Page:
When news broke in September that Leeds had finally acquired its first Michelin star, I was both smug and pleased – the former because we already had a table booked at the victorious restaurant and the latter because it would finally put an end to the criticism that the city’s dining scene was ‘rubbish’.
Having written extensively on this very subject, I was keen to see firsthand whether the matter would be put to rest and so it was with great expectations I went to Michael O’Hare’s The Man Behind the Curtain.
First things first – a restaurant above an upmarket mens’ clothing shop has always struck me as an odd choice of venue and I maintain that no matter how good the food, having to walk through a shop after hours to get to my eating destination will always seem a bit weird.
But once seated, it’s easy to forget the strange location because it feels like you’re eating in an art gallery anyway. Black toilet paper, paint splattered canvases on the walls and a cornucopia of abstract servingware are just some of the features of this avant-garde dining experience, and that’s before the first dish has even hit the table.
We settled in for the 12-course degustation menu, which at £70 a head is best saved for a special occasion unless you’ve got cash to burn on modernist meals.
Having watched the self-proclaimed ‘hair metal chef’ on BBC 2’s The Great British Menu, I was eager to see whether the food lived up to its stylish hype and was pleasantly surprised from the off with my candelabra of sweet and salty raw langoustine, which left to my own devices, I would never normally have chosen myself.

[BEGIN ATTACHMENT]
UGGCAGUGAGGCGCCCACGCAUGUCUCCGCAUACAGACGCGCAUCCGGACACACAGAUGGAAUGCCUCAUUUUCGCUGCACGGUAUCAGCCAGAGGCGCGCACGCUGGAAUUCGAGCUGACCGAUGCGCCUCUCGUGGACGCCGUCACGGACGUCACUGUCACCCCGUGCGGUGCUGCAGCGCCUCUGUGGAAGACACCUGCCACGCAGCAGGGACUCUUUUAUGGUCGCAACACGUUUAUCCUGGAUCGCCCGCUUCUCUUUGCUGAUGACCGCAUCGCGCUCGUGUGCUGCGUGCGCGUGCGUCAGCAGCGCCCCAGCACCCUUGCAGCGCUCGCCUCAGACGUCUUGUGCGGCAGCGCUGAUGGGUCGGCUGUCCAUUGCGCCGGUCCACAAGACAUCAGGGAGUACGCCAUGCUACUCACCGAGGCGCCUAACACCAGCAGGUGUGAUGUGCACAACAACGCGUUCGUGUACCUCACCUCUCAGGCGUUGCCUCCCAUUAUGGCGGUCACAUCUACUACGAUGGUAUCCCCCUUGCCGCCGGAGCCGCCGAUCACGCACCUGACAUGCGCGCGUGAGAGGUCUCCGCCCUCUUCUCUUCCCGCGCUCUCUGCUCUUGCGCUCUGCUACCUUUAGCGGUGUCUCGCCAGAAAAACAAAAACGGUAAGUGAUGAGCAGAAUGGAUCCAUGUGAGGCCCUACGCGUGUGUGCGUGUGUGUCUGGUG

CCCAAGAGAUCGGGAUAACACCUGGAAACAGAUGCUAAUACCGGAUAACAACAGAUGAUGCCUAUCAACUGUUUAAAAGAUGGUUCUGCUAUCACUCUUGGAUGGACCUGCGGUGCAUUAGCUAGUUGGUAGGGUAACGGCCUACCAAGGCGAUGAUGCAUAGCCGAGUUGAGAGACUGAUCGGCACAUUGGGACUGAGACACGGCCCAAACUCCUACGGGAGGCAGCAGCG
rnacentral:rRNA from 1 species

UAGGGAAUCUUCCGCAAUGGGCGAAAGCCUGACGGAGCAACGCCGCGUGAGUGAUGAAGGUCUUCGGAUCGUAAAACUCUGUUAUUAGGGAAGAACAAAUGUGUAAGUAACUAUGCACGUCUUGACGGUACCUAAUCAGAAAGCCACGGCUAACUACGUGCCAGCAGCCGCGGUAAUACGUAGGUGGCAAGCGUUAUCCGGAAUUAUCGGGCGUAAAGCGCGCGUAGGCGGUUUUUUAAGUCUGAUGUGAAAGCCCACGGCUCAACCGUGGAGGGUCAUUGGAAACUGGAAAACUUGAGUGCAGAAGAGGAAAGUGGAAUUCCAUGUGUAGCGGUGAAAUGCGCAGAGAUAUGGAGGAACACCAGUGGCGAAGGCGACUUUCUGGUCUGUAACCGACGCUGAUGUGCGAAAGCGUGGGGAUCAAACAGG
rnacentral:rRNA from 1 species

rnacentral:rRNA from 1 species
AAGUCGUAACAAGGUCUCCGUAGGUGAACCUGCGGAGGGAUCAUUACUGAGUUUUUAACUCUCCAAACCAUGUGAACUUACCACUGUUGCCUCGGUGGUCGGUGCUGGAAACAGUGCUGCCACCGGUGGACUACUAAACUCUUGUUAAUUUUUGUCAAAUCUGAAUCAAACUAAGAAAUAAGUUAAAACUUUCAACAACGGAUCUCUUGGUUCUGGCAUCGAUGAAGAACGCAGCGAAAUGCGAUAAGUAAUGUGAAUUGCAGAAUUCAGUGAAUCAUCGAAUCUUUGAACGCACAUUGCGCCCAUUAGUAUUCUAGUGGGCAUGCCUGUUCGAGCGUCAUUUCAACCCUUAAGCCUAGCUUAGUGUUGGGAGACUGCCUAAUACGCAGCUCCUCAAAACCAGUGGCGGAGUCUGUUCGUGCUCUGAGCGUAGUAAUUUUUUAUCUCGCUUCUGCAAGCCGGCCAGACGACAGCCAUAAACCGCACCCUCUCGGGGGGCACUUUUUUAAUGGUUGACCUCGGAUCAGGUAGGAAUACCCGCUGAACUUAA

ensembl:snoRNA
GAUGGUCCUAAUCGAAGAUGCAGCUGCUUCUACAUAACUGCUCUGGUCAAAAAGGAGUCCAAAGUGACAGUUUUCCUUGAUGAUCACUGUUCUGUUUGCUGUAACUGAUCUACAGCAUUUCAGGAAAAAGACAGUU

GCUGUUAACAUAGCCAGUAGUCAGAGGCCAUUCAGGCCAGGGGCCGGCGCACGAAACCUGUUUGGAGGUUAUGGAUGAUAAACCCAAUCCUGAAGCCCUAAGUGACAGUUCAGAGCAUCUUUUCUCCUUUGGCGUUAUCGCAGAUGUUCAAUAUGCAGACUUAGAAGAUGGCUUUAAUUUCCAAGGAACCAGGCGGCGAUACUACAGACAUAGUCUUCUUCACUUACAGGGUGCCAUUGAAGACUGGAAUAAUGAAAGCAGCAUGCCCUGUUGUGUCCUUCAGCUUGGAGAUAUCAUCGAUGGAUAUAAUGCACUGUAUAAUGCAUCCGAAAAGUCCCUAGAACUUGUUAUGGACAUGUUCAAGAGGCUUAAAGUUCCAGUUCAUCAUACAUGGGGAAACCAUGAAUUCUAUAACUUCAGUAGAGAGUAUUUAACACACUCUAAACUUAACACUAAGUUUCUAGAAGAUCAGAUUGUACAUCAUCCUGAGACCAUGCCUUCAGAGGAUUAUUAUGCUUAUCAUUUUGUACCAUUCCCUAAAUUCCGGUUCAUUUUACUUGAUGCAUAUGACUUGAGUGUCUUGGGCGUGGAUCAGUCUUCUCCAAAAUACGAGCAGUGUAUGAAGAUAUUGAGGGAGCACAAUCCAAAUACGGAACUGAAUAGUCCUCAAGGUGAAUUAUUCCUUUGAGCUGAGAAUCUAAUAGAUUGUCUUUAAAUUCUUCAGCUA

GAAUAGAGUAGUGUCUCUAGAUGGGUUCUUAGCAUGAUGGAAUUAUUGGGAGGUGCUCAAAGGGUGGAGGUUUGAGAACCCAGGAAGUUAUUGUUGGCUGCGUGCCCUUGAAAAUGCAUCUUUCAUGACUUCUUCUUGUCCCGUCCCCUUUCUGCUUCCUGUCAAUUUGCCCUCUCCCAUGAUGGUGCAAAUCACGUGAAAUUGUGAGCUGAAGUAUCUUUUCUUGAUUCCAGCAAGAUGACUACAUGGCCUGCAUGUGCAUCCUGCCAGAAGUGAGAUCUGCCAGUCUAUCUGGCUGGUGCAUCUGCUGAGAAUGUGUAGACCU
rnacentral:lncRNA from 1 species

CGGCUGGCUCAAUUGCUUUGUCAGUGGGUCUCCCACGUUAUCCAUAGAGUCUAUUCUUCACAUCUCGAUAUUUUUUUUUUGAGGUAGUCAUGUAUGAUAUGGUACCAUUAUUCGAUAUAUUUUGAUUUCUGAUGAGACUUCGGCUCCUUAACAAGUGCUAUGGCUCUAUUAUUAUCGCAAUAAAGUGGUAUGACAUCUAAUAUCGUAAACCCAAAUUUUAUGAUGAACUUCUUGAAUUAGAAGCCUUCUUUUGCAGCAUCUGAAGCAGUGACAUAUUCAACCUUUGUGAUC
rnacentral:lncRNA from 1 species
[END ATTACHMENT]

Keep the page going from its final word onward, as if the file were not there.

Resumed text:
I quickly devoured the next dishes – a plate of hake cheek and a spider crab dish with black egg yolk which was beautifully rich and full of flavour.
But it was two of the more substantial dishes which stood out – the Iberian pork, which was a welcome change from the numerous salted fish and/or egg dishes which had come before it, and what I would describe as the ‘main’ – O’Hare’s quirky take on fish and chips, featuring salted cod and crispy slithers of potato doused in sweet vinegar; all blackened as if an ink pot had exploded in the kitchen.
Though largely an enjoyable gastronomic affair, there were elements which, almost understandably given the experimental nature of TMBTC, were a little wide of the mark. The chocolate violet ice cream for instance was delicately perfumed and a textural delight; the accompanying potato custard however was the very embodiment of why tubers so rarely work in puddings.
That being said, the experience you get when dining at Leeds’ only Michelin starred restaurant is part of what you pay for and there’s no doubt it delivered on that score. The staff were friendly and knowledgeable and it was heartening to see the man of the hour serving punters himself.
So go with an open mind and a willingness to dig in to whatever is presented. And maybe buy a bag of crisps on the way home just to balance things out.